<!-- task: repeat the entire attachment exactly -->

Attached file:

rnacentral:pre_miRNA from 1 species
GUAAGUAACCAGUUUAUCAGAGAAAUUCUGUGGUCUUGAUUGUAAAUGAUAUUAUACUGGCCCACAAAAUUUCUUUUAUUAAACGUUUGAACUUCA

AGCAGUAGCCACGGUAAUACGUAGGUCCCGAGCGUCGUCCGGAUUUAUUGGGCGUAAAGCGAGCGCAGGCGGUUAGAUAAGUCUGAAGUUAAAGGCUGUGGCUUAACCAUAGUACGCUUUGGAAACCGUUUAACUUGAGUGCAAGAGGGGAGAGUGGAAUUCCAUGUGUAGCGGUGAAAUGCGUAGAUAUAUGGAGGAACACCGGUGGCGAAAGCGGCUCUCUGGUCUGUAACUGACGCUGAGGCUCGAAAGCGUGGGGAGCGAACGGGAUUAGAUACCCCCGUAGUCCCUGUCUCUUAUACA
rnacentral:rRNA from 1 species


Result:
rnacentral:pre_miRNA from 1 species
GUAAGUAACCAGUUUAUCAGAGAAAUUCUGUGGUCUUGAUUGUAAAUGAUAUUAUACUGGCCCACAAAAUUUCUUUUAUUAAACGUUUGAACUUCA

AGCAGUAGCCACGGUAAUACGUAGGUCCCGAGCGUCGUCCGGAUUUAUUGGGCGUAAAGCGAGCGCAGGCGGUUAGAUAAGUCUGAAGUUAAAGGCUGUGGCUUAACCAUAGUACGCUUUGGAAACCGUUUAACUUGAGUGCAAGAGGGGAGAGUGGAAUUCCAUGUGUAGCGGUGAAAUGCGUAGAUAUAUGGAGGAACACCGGUGGCGAAAGCGGCUCUCUGGUCUGUAACUGACGCUGAGGCUCGAAAGCGUGGGGAGCGAACGGGAUUAGAUACCCCCGUAGUCCCUGUCUCUUAUACA
rnacentral:rRNA from 1 species